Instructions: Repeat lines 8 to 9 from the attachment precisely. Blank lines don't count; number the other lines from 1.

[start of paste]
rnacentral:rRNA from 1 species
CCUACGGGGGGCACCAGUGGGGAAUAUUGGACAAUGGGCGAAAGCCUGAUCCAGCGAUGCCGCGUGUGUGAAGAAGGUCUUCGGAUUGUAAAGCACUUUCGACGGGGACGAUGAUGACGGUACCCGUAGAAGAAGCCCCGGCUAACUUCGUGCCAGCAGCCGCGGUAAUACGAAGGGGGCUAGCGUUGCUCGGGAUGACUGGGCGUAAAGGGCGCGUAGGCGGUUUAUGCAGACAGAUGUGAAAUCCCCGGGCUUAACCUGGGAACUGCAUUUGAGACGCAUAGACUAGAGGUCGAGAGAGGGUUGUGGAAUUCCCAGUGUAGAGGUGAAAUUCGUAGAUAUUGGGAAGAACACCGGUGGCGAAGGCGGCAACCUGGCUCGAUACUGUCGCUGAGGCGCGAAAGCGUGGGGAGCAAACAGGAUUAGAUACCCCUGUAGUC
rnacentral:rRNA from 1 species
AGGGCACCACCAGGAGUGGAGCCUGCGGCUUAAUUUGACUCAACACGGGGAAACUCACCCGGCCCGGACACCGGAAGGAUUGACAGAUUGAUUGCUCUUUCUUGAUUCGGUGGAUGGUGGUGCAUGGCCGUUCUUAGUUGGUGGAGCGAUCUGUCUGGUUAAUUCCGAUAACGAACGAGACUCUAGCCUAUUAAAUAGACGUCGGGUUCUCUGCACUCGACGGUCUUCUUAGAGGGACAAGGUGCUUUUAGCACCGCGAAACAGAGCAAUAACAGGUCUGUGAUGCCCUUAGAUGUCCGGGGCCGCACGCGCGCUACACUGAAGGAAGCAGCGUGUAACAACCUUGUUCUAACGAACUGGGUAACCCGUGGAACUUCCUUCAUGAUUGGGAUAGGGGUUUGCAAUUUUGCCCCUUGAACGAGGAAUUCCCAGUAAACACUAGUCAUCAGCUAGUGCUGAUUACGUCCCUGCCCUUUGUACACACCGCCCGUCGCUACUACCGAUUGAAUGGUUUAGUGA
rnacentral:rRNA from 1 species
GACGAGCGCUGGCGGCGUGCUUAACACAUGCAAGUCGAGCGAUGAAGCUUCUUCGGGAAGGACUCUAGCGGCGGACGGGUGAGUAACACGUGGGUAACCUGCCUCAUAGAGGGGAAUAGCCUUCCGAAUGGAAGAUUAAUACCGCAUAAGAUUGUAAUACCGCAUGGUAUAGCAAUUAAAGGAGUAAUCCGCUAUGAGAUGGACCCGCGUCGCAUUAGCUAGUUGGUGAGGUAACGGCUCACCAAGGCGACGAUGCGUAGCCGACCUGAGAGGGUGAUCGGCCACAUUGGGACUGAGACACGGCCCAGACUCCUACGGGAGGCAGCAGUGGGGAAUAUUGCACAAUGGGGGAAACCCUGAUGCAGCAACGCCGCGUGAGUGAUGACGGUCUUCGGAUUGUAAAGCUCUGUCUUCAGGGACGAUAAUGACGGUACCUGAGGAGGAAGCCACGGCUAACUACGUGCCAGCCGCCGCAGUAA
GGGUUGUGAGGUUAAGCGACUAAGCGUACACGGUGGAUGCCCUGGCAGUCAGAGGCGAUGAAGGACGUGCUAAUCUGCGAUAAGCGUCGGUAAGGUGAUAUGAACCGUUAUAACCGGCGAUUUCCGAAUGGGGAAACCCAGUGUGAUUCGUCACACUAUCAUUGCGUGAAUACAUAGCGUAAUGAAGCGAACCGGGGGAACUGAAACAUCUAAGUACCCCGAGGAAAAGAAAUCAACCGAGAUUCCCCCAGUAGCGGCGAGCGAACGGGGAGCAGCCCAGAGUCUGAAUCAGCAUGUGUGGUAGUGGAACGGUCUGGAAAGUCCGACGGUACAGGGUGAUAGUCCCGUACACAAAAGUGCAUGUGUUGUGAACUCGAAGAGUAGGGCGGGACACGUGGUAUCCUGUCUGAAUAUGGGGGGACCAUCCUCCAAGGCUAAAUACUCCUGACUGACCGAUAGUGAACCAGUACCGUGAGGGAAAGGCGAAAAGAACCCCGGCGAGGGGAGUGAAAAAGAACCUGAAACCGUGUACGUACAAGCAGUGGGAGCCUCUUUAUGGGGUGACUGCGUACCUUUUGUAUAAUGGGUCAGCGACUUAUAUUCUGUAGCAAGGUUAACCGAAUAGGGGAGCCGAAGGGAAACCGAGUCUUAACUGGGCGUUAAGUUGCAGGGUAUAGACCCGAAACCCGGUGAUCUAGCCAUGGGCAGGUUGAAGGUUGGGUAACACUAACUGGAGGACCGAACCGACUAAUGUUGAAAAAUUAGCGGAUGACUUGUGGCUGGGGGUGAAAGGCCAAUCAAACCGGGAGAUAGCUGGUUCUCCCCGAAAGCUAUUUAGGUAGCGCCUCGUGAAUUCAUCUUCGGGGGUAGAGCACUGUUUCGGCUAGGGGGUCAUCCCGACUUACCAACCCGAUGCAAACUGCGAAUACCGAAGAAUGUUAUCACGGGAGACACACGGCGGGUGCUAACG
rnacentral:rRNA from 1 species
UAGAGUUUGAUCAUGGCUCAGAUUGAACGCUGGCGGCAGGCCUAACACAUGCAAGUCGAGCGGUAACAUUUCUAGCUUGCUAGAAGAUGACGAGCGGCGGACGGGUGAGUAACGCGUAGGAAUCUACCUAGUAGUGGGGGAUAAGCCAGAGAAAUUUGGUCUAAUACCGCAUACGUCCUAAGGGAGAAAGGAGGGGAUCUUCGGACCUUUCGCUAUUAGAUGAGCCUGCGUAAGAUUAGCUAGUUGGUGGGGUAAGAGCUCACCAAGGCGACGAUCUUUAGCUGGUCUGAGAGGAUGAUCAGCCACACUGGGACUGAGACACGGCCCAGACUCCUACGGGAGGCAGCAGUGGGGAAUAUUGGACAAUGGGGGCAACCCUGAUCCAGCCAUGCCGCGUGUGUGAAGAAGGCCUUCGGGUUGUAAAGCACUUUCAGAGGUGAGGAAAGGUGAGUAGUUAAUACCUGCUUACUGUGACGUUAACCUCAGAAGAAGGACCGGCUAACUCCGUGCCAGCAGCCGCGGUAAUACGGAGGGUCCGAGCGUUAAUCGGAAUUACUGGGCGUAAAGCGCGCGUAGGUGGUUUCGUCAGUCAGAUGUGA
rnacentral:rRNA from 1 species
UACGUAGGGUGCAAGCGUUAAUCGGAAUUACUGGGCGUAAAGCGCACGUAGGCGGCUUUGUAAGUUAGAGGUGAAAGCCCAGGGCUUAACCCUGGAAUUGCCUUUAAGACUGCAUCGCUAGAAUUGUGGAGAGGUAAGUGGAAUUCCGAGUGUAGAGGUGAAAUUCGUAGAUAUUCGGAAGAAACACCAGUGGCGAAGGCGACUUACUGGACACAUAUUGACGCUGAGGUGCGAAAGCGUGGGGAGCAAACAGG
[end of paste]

rnacentral:rRNA from 1 species
UAGAGUUUGAUCAUGGCUCAGAUUGAACGCUGGCGGCAGGCCUAACACAUGCAAGUCGAGCGGUAACAUUUCUAGCUUGCUAGAAGAUGACGAGCGGCGGACGGGUGAGUAACGCGUAGGAAUCUACCUAGUAGUGGGGGAUAAGCCAGAGAAAUUUGGUCUAAUACCGCAUACGUCCUAAGGGAGAAAGGAGGGGAUCUUCGGACCUUUCGCUAUUAGAUGAGCCUGCGUAAGAUUAGCUAGUUGGUGGGGUAAGAGCUCACCAAGGCGACGAUCUUUAGCUGGUCUGAGAGGAUGAUCAGCCACACUGGGACUGAGACACGGCCCAGACUCCUACGGGAGGCAGCAGUGGGGAAUAUUGGACAAUGGGGGCAACCCUGAUCCAGCCAUGCCGCGUGUGUGAAGAAGGCCUUCGGGUUGUAAAGCACUUUCAGAGGUGAGGAAAGGUGAGUAGUUAAUACCUGCUUACUGUGACGUUAACCUCAGAAGAAGGACCGGCUAACUCCGUGCCAGCAGCCGCGGUAAUACGGAGGGUCCGAGCGUUAAUCGGAAUUACUGGGCGUAAAGCGCGCGUAGGUGGUUUCGUCAGUCAGAUGUGA